Star Forming Region G45.45+0.06

Gemini North Image - June 1999

Color composite infrared image using adaptive optics on the Gemini North telescope.
Dust obscures this star forming region at optical wavelengths but is visible at longer infrared wavelengths.
(Resolution = 0.12 arcseconds FWHM)
Photo Credit: Gemini Observatory, US National Science Foundation, and University of Hawaii Institute for Astronomy
G45.45+0.06 at J
Gemini North Image at "J", 1.25µm
The image on the left shows G45.45+0.06 using light with a wavelength slightly longer (redder) than is visible to the human eye. The image on the right was taken using even redder light to reveal the power of infrared radiation for exploring star forming regions. G45.45+0.06 at K
Gemini North Image at "K", 2.2µm
Download a 300dpi JPEG file of the color composite image, the J-band image, or the K-band image.


This infrared image taken with the Gemini North telescope reveals, with unprecedented clarity, a distant star forming region in our Milky Way galaxy. The longer wavelengths of infrared light allow astronomers to observe these new stars and explore the processes of star formation.

Most of the stars in this cluster are not seen at visible wavelengths. They are still buried within the large cloud of dust and gas out of which they formed, and the dust absorbs the visible light from the stars while some of the redder or infrared light escapes. The reddest objects are likely to be more deeply buried in the cloud and may still be in the process of accumulating material from the cloud to form a star.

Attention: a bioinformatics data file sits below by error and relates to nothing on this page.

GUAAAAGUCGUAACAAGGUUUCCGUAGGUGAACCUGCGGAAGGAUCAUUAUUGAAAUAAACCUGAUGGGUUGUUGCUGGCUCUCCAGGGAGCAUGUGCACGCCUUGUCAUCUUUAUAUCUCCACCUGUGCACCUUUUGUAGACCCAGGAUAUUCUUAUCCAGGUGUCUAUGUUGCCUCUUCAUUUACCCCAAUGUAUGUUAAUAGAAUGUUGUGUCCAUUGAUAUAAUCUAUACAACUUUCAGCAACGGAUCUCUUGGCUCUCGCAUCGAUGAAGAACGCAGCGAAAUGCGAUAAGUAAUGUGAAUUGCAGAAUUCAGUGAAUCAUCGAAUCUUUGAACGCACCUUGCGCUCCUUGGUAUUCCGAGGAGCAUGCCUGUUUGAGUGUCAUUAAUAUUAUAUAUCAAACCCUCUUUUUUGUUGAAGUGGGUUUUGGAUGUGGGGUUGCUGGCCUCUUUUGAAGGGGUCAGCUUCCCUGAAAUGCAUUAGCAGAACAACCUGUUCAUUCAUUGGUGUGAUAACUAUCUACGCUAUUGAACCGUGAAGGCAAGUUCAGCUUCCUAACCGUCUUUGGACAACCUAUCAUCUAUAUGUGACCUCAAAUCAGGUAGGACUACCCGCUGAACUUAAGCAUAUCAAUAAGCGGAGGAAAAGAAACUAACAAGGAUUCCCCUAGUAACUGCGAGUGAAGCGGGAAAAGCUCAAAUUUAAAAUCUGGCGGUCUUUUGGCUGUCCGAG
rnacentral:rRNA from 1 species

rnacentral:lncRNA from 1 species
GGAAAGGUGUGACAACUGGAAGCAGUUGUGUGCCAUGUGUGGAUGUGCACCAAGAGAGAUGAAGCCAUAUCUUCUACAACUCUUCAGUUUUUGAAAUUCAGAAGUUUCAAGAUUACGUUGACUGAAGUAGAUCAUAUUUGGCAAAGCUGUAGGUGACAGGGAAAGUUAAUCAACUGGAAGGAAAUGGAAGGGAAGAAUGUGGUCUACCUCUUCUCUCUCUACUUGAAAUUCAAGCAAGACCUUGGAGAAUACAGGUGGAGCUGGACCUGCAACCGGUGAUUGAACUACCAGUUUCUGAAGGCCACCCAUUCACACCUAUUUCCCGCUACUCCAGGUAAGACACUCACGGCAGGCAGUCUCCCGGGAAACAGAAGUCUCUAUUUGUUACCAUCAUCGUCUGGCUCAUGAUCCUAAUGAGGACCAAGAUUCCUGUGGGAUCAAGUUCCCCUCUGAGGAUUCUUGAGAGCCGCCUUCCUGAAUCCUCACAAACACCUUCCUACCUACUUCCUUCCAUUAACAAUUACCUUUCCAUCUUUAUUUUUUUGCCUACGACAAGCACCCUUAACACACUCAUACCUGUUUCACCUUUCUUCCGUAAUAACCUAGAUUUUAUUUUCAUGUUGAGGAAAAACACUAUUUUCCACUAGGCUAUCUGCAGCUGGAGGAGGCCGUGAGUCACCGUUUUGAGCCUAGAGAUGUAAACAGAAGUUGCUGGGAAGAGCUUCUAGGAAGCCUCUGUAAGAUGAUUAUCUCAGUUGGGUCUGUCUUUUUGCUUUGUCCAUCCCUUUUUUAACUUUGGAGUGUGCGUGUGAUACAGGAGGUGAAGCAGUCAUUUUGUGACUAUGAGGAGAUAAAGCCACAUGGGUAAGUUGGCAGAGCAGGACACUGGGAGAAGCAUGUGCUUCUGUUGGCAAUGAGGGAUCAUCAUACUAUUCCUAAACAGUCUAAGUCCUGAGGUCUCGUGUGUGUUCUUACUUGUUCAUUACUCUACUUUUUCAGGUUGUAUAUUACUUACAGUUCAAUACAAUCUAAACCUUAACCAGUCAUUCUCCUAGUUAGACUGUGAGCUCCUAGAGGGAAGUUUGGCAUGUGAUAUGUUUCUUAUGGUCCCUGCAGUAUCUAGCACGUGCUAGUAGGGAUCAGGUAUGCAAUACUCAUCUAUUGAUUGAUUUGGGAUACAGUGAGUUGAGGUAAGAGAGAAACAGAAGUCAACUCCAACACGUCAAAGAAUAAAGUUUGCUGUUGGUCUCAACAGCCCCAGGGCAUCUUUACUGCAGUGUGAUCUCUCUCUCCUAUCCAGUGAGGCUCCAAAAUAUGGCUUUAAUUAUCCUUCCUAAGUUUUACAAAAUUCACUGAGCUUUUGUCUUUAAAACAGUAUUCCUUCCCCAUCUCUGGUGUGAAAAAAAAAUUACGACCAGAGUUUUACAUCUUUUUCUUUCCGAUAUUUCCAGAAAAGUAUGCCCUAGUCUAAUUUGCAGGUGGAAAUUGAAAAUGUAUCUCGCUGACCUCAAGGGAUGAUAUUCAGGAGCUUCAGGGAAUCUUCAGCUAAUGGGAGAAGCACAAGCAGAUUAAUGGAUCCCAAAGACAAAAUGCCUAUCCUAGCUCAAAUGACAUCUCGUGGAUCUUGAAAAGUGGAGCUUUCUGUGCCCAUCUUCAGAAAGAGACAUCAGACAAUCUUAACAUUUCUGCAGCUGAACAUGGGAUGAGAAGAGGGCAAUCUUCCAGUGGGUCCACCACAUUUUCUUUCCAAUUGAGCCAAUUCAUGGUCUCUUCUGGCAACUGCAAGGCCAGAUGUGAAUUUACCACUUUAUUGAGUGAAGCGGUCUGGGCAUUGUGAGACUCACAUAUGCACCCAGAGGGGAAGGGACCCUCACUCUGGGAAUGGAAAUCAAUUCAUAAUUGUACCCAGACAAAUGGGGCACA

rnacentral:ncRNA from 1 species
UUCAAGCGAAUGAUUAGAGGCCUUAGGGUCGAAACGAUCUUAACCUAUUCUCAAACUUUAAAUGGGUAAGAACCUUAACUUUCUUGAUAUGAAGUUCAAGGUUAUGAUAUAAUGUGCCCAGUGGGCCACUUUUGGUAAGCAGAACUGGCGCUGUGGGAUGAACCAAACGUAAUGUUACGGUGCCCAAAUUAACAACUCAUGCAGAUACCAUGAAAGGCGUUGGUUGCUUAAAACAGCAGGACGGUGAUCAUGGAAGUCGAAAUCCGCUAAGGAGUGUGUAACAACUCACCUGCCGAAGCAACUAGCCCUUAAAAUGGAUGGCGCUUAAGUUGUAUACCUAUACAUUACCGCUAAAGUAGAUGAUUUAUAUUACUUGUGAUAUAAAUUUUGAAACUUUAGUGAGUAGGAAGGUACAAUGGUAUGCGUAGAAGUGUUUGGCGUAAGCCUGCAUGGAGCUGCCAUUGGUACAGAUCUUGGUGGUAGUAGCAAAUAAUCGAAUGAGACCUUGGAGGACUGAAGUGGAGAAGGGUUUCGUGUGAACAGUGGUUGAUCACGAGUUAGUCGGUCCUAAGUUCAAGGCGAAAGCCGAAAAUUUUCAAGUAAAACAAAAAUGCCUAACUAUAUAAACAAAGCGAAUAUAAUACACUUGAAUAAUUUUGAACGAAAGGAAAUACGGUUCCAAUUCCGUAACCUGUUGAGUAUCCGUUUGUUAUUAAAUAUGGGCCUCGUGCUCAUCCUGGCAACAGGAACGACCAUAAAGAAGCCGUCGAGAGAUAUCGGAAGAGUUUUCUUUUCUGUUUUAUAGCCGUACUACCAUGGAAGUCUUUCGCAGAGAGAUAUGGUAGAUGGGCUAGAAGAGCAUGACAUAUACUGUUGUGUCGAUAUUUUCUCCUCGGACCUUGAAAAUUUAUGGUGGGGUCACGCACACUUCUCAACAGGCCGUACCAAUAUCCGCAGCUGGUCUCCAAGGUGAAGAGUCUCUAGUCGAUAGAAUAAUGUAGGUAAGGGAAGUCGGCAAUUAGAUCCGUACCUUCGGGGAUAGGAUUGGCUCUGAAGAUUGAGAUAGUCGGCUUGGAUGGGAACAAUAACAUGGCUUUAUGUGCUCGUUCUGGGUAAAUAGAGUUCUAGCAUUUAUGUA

The cluster is designated as G45.45+0.06. The brightest star (at lower left) is in the foreground and is not part of the cluster.

The diffuse infrared light seen in this image is both starlight reflected off dust particles in the cloud and glowing hydrogen gas that is heated by the most massive young stars in the cluster. The three bright stars near the lower right hand corner of the image may be responsible for most of the hydrogen heating and are about 10 times more massive than our sun and more than 100,000 times brighter. Image analysis, combined with follow-up spectroscopy, will enable astronomers to determine such things as the ages of the stars in the cluster, the principal heating sources and what may cause an interstellar cloud collapses to form new stars.

This image was obtained with the Gemini North telescope on Mauna Kea using the University of Hawaii's infrared camera, QUIRC, with the Adaptive Optics system called Hokupa'a. Adaptive optics systems use deformable mirrors to correct for the effects of atmospheric distortions of starlight resulting in significantly sharper images. The United States National Science Foundation has provided financial support to the University of Hawai'i Adaptive Optics Program.

Color Composite: "H" band (Blue); "K" band (Green); Narrow band Brgamma filter (Red).

Technical Information for the Observations

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